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The Book Thief

By November 29, 2013 No Comments


 Our fascination with the Holocaust seems unending, in part because nothing in the world’s recent past offers us such perfectly sculpted heroes and villians. Last night, after leaving the theater, my grandson, who had watched Frozen and not The Book Thief, asked me if Hitler was in the movie I’d just seen. I told him I didn’t remember seeing his face at all.


“He’s the main character, isn’t he?” he asked, and my grandson wasn’t wrong. Adolf Hitler may not have appeared in The Book Thief, but that didn’t mean he wasn’t there because he was, lurking as he always is in anything set anywhere in the 1940s. 

We can all agree on Hitler. He was a madman, a mass murderer who is today safely beyond the reach of revisionists, and it’s a comfort somehow to be able to agree at least on that point. We continue to read and watch Holocaust stories because they offer us extremes that are somehow comforting because there’s really no ambiguity. In Germany and all of occupied Europe, you were either for or against the Nazis.

The Book Thief plays upon the library of Holocaust stories most of us already have by offering us a darling child named Liesel, an orphan, and her adoptive parents, Hans and Rosa, a couple who are not your standard fare–a poor and childless German couple, the husband irritatingly bereft of ambition, and a shrewish wife so unloving she could sour milk, a ne’er-do-well couple who are not conventional Holocaust heroes.

But there’s a history to their selfless love, and it’s not at all preposturous because the German military during World War I included Jewish men. One of them gave his life to save Hans, and that sacrifice makes Hans’s denying his friend’s son appeal for help impossible. For several years, the family and their adopted daughter with the angelic face hide the Jewish kid, a story enacted time and time again but always harrowing given the madness of Nazi death merchants. 

Still, these heroes are German peasants whose selflessness is as close to divine as anything in this world.

The movie plays with our expectations in other ways too, even as it ends; you might say that what you can call The Book Thief‘s freshness grows out of the way it plays with what has become the conventional Holocaust story line. The wonderful relationship that blossoms between Liesel and her adoptive mother is itself worth the price of admission.

The movie is, as some have asserted, a rarity: the Holocaust offered neatly for family viewing during the holidays. Honestly, I sat in the theater, loving The Book Thief, and more than a little sad that I’d paid my grandkids’ admission to Frozen when both of them would have learned oh-so-much more if they’d been sitting in our corner of the multiplex.

But I was also reminded of an age-old theoretical fight about the literature of the Holocaust, the argument belonging to some survivors, who felt it an outrage that anyone would even attempt to create fiction about what happened in Nazi Germany, at Auschwitz and Buchenwald, or anywhere in occupied Europe. The assertion goes like this:  how can we “make up” stories about events that are unspeakable?  Can imagined stories approximate what actually happened, when what happened is beyond language?  Even if Sophie’s Choice comes close, purists say no one can imagine that level of horror.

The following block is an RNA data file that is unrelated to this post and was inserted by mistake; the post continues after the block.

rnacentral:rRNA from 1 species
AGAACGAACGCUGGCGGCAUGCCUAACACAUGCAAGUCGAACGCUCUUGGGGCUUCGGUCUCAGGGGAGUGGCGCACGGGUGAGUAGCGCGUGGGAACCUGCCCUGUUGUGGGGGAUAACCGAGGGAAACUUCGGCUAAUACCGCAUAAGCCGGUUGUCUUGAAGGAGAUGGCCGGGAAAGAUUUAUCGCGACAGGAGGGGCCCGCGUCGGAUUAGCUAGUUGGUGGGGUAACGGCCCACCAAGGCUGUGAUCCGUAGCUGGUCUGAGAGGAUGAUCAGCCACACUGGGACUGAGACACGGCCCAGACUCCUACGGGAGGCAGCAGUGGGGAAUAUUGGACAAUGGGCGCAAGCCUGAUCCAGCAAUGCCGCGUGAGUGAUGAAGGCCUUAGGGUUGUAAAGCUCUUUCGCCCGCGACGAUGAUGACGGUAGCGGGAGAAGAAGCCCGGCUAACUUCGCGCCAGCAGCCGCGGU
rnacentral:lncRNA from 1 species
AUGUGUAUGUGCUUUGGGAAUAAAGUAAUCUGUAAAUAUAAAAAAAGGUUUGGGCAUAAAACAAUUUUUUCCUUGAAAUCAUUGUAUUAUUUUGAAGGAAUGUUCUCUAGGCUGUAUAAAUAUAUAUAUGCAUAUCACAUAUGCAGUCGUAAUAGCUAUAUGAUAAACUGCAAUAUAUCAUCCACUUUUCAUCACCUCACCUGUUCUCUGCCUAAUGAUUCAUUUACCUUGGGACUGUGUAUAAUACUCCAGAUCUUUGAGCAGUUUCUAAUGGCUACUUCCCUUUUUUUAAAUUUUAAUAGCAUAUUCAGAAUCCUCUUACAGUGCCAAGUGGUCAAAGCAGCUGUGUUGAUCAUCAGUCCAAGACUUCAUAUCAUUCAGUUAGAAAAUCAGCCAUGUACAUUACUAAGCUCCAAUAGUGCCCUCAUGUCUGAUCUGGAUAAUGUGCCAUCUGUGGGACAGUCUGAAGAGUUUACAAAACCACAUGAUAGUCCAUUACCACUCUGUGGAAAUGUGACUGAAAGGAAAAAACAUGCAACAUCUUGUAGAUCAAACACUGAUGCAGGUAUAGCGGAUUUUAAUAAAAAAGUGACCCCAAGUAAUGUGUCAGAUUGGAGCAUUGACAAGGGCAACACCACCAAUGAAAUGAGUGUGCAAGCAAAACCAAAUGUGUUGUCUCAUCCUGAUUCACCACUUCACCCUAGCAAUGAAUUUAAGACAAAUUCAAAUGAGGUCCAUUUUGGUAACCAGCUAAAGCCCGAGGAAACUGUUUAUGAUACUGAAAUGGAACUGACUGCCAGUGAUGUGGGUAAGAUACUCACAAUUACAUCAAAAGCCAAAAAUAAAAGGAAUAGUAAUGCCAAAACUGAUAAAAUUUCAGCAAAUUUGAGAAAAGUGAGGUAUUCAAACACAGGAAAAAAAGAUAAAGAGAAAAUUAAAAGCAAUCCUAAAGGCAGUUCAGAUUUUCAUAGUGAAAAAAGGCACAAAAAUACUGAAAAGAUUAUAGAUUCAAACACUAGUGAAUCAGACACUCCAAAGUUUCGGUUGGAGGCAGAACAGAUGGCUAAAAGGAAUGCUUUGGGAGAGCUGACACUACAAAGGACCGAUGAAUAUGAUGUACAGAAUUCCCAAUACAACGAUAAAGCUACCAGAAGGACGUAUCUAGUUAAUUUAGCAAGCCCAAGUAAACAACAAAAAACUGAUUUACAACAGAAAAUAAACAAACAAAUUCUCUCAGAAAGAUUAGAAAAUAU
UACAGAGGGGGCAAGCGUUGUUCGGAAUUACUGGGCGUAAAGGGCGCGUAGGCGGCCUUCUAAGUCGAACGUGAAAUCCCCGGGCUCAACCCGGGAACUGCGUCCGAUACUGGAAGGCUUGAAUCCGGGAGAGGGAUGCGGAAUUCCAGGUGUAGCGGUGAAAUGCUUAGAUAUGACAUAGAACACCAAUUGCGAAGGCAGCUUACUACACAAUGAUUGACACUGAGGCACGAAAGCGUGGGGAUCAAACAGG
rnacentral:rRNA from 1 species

There’s a downside to this movie that’s altogether clear, and it goes something like this, it I may say it in such a coarse fashion: you can’t make a silk purse out of a hog’s ear. When the story sentimentalizes–as it does–it loses. There are plot twists that are cloyingly unlikely, creating moments when an audience really can’t help feeling as if they’re being toyed with. The problem with lack of ambiguity is very real possibility of stock characters.

With Maus, Art Spiegelman famously won the Pulitizer for making the Holocaust into a comic book. But Maus is not a YA novel, and The Book Thief is. Can there be such a thing? It’s a good question.

To say the reviews are mixed is understatement: some call it one of the finest films of 2013; others simply roll their eyes at its garish excesses.

Me? I loved it. It may be that my age is showing here, but any story that takes delight in what we as humans can be in horrifying circumstances, in showing us at our own very best. . .let me put it this way: any great story that offers us ordinary people offering their lives for others is a blessing.

How does the old Jewish proverb go?–he who saves one life, saves the world.

Sophie’s Choice will stick with you, and no one who’s seen it will ever forget Schindler’s List

The Book Thief doesn’t rise those levels, but I loved it. It may well be family fare, but that doesn’t mean there isn’t good reason to bring the kids.

James C. Schaap

James Calvin Schaap is a retired English prof who has been something of a writer for most of the last 40 years. His latest work, a novel, Looking for Dawn, set in reservation country, is the story of two young women joined by their parents' mutual brokenness and, finally, a machine-shed sacrament of reconciliation. He writes and narrates a weekly essay on regional history for KWIT, public radio, Sioux City, Iowa. He and his wife Barbara live on the northern edge of Alton, Iowa, the Sgt. Floyd River a hundred yards or so from their back door. They have a cat--rather, he has them.

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